(randomized) cutandchoose mechanism is a 1/2approximation of the
optimum.
To complement this result we show that no truthful mechanism can
compute the exact optimum. We also consider the algorithmic
perspective when the (true)
additive valuation functions are part of the input. We present a simple
1/(mk+1) approximation algorithm which allocates to every player at
least 1/k fraction of the value of all but the k1 heaviest items
and we give an algorithm with additive error against the fractional
optimum bounded by the value of the largest item. The two
approximation algorithms are incomparable in the sense that there
exist instances when one outperforms the other.
 The
Poincare Constant
of a Random Walk in HighDimensional Convex Bodies,
Master Thesis at the
University of Chicago, 2002.
Estimating the volume of a convex body is an important algorithmic
problem. High dimensions pose an especially difficult task for the
algorithm designer. To be considered efficient, the running time must
be polynomial in the dimension. The first provably efficient
approximation algorithm was presented by Dyer, Frieze, and Kannan
in 1989, and steadily improved by various authors over the next
decade. Fundamental to these works is the analysis of random walks for
generating random points from a convex body.
Kannan, Lovasz, and Simonovits recently analyzed a natural random
walk known as the ball walk. By bounding the socalled conductance,
they obtain (via a Cheegertype inequality) a bound on the Poincare
constant of the random walk. Their bound proves
the walk converges to a random point in time O*(n^3D^2), where n
is the dimension and D is the diameter of the body. We survey and
present a selfcontained view of their work. In addition, following an
outline proposed by Jerrum, we slightly
modify the KLS analysis to bound the Poincare constant without using
a Cheegertype inequality.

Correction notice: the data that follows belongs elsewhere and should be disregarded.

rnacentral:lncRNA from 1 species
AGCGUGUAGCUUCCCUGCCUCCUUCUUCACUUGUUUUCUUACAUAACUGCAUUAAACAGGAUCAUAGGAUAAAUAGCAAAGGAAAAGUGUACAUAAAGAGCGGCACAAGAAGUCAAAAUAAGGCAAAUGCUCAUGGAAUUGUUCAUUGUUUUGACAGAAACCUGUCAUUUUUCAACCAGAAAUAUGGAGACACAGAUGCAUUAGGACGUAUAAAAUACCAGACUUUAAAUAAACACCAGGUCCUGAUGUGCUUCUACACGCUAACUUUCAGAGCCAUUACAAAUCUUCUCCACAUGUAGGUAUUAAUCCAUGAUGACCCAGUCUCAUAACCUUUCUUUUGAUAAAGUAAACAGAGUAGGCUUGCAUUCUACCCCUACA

Compact
Representations of Graphs and Adjacency Testing,
"Magister" Thesis at the Comenius University, Bratislava, Slovakia, 2000.
A section of the thesis appeared at the Student Science Conference, Bratislava, Slovakia, 2000.
A succinct representation of a graph is a widely studied problem. We
examine this representation in two aspects: (1) its space complexity,
and (2) the time complexity of the basic "graph operations"  the
adjacency test and update operations (adding or removing an edge).
The adjacency matrix is optimal with respect to the adjacency test but
for n vertices its space complexity is always O(n^2) bits,
regardless of the number of edges m. The adjacency list
representation is spaceoptimal but the adjacency test takes more
time than it necessarily needs. The aim of this thesis was to find a
representation as close as possible to the optimal space complexity of
O(m log n) bits, and to the optimal time complexity of O(log n)
bitoperations for the adjacency test (and the update operations).
We present a representation using the technique of hashing: it takes
O(m log n) bits and the adjacency test can be performed in O(log
n loglog n) bitoperations. The
"listofallneighbors" procedure takes O((k + loglog n)log n)
bitoperations, where k is the number of neighbors to be listed, and
the expected amortized time complexity of the update operations is
O(log n loglog n).
We also suggest a new representation based on computing the distance
from all vertices to some given vertex. We show that this
representation is optimal (in both time and space complexities) for
the family of planar graphs.
 Planar Finite
Automata,
with Martin Pal.
Student Science Conference, Bratislava, Slovakia, 1999.
Several aspects of graph representations of finite automata have been
studied in the literature, e.g., the complexity considerations
involving the number of states. It is natural to
ask whether we indeed need the full generality of possible
interconnections among the states provided by the general definition
of finite automata. We study the influence of restricting the
interconnection network to planar graphs.
We introduce planar finite automata as a type of automata whose graph
representation is planar. We study families of languages defined by
deterministic, nondeterministic, and epsilonfree nondeterministic
planar finite automata and compare them to
R, the family of regular languages. We show that the
deterministic planar automata are weaker than finite automata, except
for the case of a oneletter alphabet. We also prove that
R is equivalent to the family of languages accepted by
(epsilonfree) nondeterministic planar automata.
In addition, we study the influence of restricting the graph
representation to a particular
architecture studied in parallel and distributed computing, the
ddimensional mesh. We show that for any k there is a language
which cannot be accepted by a mesh kepsilonbounded nondeterministic
finite automaton, i.e., an automaton whose graph representation can be
embedded into a mesh and its maximal number of epsilon
moves is bounded by k.
Course Projects:
Last Update: May 30, 2006